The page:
Daily Nugget of Gold 983
Early on in our familiarizing ourselves with matters on the internet, we learned a valuable lesson. Perhaps you did, too. In fact- if you spend any time at all chatting in forums or even on venues such as Facebook- you may have come to the same conclusions we did. In the world of cyberspace, it’s extremely easy to vent someone’s true feelings without much in the way of consequences. If they sullied the reputation of an online username, they could simply create another. This possibility allows for a much more unregulated behavior norms than in our physical reality world- and also allowed for the blossoming of characters known collectively as “trolls”.
What’s a troll in internet lingo? Sometimes it’s someone who just loves arguing over trivial matters, often it’s a person who is more addicted to the fun of causing disruption and uncivilized chaos. Many times trolls will use multiple characters at the same time to manipulate conversations, increase sympathy for some made up difficulty- often medical or relationship based. Some trolls wish to inflict real-life harm on people, just for fun. In short- trolls are not being very nice, are they?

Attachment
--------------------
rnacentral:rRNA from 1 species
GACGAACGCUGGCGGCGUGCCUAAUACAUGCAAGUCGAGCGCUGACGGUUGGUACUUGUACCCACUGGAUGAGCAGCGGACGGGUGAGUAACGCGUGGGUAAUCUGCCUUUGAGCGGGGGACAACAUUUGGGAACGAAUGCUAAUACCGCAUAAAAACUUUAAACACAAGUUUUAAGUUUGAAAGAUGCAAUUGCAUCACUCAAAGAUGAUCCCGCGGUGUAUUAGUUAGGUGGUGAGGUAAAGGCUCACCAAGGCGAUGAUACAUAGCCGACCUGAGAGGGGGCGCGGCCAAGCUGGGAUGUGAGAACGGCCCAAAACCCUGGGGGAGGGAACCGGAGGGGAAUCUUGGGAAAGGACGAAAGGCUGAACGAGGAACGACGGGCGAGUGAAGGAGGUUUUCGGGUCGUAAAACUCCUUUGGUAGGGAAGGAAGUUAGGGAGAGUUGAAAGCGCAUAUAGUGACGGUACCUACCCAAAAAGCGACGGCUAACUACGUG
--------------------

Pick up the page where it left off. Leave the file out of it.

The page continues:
An expression developed in chat rooms by people who began to catch onto the game here, and it’s relatively simple advice, “Don’t feed the trolls”. “Troll food” is becoming emotionally invested in either the argument at hand, assuming it’s more important than being civil and caring about another person’s point of view. Troll food is also allowing yourself to be hooked by some storyline that a troll with all the various aliases they use to toy with the emotions to reel in unsuspecting folks into the trap. Trolls exist only because of the energy (attention) we give them, but it’s nearly impossible to weed them out because in a crowd of genuine people, trolls blend in so well- especially with multiple identities.
It’s a good rule of thumb, in any case, not to feed demons of any nature. The demons are also the negative thoughts in our own minds, suspicions we have of other people, jealousy and envy, worries and fears. Demons thrive on attention, but ignoring them helps to make them all but go away; but not completely- for if they did, we would be left with a pretty boring existence, wouldn’t we? We want to be aware of what we are doing when we do it, and being aware of negative thoughts and feeling bad is the first clue that we aren’t focused on empowerment and positive, constructive thoughts. “Don’t feed the trolls”…good advice, we think. What do you think?
Question of the Day to Ask Ourselves
“Am I causing harm to myself by concentrating my own thoughts on negative things?”
Copyright 2013 Kevin Littleton, all rights reserved.